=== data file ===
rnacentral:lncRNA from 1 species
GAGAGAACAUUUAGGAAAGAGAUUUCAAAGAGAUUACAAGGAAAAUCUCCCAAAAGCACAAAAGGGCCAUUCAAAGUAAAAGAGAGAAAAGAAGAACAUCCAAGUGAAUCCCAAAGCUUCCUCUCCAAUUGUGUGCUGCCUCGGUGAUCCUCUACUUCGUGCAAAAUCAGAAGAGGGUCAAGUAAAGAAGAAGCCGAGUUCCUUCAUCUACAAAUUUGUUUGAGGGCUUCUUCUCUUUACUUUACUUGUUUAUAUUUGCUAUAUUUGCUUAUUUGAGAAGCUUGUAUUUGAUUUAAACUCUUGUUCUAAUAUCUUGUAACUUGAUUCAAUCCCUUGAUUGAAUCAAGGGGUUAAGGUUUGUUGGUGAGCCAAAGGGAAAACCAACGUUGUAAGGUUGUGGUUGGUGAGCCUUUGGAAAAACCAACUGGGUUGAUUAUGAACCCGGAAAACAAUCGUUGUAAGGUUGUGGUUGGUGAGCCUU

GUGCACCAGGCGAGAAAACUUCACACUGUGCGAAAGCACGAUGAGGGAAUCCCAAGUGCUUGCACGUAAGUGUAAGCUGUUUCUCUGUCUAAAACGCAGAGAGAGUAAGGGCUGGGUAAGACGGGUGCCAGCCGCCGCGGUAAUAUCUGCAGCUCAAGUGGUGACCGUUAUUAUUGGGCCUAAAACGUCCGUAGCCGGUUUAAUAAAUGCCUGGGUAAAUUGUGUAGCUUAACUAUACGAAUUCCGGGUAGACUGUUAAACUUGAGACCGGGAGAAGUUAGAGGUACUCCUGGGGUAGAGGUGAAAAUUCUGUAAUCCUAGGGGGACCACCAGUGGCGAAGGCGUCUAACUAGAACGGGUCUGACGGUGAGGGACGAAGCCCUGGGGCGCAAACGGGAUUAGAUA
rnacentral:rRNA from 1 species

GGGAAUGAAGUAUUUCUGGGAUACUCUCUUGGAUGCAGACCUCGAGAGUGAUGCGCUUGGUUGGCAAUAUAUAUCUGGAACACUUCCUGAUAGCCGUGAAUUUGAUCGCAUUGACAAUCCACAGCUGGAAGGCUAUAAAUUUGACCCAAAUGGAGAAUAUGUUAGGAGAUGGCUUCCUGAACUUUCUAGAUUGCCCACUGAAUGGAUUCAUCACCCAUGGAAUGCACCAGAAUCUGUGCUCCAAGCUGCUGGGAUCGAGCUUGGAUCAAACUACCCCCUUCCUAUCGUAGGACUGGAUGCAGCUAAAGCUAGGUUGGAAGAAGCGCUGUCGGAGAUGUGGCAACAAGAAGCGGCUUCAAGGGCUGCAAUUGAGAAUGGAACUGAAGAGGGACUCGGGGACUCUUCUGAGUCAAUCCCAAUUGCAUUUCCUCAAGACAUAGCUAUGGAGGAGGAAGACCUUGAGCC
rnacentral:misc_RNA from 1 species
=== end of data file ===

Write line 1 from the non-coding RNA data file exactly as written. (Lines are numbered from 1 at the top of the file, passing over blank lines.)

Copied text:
rnacentral:lncRNA from 1 species